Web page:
Bylund: Entrepreneurship Involves Uncertainty. Here’s How to Deal With It Productively.

By: Per Bylund

Late South African economist Ludwig Lachmann once wrote, “The future is unknowable, though not unimaginable.”

What he meant is, it’s beyond our ability to know what the future will bring. We cannot plan without errors, because we do not actually know anything about the future before it’s already reality.

The future is not simply unknown, which suggests a lack of information, but unknowable — what will be is uncertain. There is no information. We are, in this sense, slaves to destiny.

But while the future is unknowable, this does not mean it is hopeless. Our efforts always aim to create some specific, limited part of the future. Entrepreneurs do this more than others, as entrepreneurship scholar Saras Sarasvathy argues.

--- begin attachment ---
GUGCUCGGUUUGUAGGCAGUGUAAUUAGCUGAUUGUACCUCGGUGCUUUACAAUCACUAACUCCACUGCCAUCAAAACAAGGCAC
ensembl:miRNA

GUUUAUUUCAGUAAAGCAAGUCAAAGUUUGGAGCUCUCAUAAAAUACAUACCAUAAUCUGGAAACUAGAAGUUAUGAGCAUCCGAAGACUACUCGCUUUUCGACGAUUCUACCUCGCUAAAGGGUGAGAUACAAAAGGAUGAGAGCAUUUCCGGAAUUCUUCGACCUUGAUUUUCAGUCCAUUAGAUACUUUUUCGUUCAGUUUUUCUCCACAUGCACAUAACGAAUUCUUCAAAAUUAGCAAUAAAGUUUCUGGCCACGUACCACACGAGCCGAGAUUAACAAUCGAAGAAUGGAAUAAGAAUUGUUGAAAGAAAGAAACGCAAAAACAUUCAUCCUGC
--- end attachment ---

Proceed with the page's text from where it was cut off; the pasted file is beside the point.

They can do this, as Lachmann notes, as the future is imaginable. Because we can imagine different futures, we can act to create the better version. We have the creative ability to draft scenarios and possible outcomes, so we can prepare for what is more likely to be. And attempt to bring it about.

We all differ in our ability to imagine the future that will be. Very often it might simply be luck. But luck is not all, and it certainly isn’t reliable. Some seem to have the ability and willingness to face the unknowable by imagining and attempting to shape it, and they’re willing to bet that they’re right and put their money where their mouths are.

Entrepreneurs are in the business of creating big chunks of our future. They bear uncertainty.

Read the full article at Entrepreneur.

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